EU climate policy should not tighten its climate objectives unilaterally after Paris agreement. EU should focus on achieving level playing field.
Sectors affected by carbon leakage should be allocated full amounts of free emission allowances. Furthermore, a comprehensive EU-level compensation system for the indirect cost effects of emissions trading must be established to bind all Member States until uniform climate objectives of equal cost impact have been implemented for industrial actors all over the world.
Reducing greenhouse gas emissions must be the EU’s only binding target. Emissions trading already promotes renewable energy. National measures and decisions can increase renewable in a manner that takes account of the special characteristics of different Member States.
This is why the EU should not impose a binding and comprehensive Union-wide renewable energy target. Choices regarding the sources of energy must remain national within the EU. The EU must observe long-term policies in sectors, which are not subject to emissions trading, and these must be consistent with established 2020 policy decisions.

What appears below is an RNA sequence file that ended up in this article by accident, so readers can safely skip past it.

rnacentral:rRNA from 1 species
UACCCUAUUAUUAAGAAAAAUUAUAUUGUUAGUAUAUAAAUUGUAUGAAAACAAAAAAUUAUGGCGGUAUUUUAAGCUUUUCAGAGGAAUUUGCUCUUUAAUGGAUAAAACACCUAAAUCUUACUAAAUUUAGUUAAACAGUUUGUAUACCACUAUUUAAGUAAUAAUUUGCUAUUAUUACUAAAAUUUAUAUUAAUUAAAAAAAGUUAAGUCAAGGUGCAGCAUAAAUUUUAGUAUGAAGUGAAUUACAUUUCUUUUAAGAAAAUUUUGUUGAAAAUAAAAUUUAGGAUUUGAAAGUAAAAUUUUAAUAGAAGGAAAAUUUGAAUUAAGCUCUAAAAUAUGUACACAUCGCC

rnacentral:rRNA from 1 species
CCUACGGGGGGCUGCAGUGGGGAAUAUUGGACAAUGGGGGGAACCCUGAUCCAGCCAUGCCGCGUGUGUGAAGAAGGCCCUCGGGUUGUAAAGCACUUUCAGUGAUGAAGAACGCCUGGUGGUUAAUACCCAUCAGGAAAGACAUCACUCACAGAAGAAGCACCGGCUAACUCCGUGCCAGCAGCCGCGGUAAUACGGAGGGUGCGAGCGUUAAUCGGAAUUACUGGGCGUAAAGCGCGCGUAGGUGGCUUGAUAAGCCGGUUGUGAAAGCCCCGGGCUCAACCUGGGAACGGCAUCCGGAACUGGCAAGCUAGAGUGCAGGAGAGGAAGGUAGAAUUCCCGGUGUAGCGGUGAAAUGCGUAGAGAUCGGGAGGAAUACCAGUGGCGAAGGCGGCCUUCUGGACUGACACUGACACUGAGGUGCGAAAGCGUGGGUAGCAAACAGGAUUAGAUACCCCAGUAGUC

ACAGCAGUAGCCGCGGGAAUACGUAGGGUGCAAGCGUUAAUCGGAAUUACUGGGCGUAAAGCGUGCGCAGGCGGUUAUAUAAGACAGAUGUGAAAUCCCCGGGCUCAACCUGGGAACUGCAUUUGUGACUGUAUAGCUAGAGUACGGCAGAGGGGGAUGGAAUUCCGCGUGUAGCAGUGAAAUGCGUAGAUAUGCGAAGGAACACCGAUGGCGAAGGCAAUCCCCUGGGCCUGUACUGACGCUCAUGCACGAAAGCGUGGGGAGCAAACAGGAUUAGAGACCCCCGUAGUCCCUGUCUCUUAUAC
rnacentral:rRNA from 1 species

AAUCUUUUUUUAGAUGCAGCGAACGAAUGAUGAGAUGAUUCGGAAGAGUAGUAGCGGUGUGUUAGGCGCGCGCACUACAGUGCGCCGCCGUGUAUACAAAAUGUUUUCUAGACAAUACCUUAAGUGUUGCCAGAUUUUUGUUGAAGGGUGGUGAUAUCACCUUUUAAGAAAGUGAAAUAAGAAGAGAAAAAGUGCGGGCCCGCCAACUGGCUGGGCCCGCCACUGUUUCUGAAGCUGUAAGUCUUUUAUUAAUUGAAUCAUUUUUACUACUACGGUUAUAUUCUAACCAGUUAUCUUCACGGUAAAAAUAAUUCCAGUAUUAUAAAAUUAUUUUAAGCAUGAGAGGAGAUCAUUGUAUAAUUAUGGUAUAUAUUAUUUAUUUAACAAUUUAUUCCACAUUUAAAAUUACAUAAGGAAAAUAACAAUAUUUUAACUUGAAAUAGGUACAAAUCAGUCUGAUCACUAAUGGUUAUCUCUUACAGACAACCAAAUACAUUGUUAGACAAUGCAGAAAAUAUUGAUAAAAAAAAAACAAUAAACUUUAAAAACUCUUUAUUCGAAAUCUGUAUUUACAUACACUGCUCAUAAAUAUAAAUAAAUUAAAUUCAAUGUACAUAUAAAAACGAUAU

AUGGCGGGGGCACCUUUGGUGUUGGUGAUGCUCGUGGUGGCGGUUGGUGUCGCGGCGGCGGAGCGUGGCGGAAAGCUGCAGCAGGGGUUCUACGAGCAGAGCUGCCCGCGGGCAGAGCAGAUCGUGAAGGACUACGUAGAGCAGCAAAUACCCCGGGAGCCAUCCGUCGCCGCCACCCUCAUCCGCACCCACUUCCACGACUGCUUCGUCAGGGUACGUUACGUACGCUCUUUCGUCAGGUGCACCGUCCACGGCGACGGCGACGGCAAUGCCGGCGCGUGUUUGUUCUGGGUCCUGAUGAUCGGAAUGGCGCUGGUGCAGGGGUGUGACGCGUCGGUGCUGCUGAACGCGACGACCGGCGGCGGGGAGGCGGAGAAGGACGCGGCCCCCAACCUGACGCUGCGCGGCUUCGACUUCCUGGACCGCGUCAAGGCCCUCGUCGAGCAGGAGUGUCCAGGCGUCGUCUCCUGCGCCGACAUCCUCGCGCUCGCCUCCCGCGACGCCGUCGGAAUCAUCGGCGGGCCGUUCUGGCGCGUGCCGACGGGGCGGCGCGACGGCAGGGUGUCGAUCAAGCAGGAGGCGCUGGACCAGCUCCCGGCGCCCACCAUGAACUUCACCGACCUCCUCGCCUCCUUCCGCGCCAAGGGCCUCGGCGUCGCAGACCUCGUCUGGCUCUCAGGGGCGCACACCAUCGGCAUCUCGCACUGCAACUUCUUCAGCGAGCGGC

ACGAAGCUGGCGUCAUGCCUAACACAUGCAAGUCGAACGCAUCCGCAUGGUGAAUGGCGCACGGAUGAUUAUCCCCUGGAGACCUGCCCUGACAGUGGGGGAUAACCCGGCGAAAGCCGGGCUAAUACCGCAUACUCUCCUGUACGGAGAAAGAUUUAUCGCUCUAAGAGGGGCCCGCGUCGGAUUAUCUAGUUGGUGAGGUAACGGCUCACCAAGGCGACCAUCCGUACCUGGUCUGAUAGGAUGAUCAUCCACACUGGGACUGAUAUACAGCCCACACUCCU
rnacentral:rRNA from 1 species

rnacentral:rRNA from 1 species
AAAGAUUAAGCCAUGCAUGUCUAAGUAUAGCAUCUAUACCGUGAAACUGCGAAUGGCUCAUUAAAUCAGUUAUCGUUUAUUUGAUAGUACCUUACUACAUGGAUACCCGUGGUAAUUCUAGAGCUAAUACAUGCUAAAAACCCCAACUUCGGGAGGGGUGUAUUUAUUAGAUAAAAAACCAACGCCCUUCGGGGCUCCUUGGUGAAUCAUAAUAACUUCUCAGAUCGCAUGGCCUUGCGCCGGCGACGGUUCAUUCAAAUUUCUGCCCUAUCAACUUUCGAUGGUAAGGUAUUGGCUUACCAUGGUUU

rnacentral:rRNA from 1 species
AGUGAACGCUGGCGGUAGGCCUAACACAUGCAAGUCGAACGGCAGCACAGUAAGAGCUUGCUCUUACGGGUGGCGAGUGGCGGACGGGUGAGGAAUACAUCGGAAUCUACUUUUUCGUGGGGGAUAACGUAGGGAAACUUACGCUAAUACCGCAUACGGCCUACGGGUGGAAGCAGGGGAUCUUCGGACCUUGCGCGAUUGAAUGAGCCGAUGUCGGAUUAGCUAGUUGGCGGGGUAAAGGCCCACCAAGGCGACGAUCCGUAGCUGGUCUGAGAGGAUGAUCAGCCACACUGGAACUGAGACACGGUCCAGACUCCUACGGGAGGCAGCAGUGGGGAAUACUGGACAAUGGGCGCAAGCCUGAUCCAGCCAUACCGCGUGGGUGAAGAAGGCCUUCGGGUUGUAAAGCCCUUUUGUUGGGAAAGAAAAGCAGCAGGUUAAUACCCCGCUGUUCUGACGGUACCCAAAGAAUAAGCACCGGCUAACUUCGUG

Wood supply is finite, so its availability and primary use for manufacturing purposes must be safeguarded. Subsidy and promotion measures for bioenergy production must not be allowed to distort the wood market by giving energy producers an unfair competitive advantage when procuring wood grades, which could be used as raw material in wood processing.
EU policies and legislation must continue to be based on the carbon neutrality of wood in energy production, so that renewable wood can retain its position of advantage over fossil fuels and non-renewable raw materials.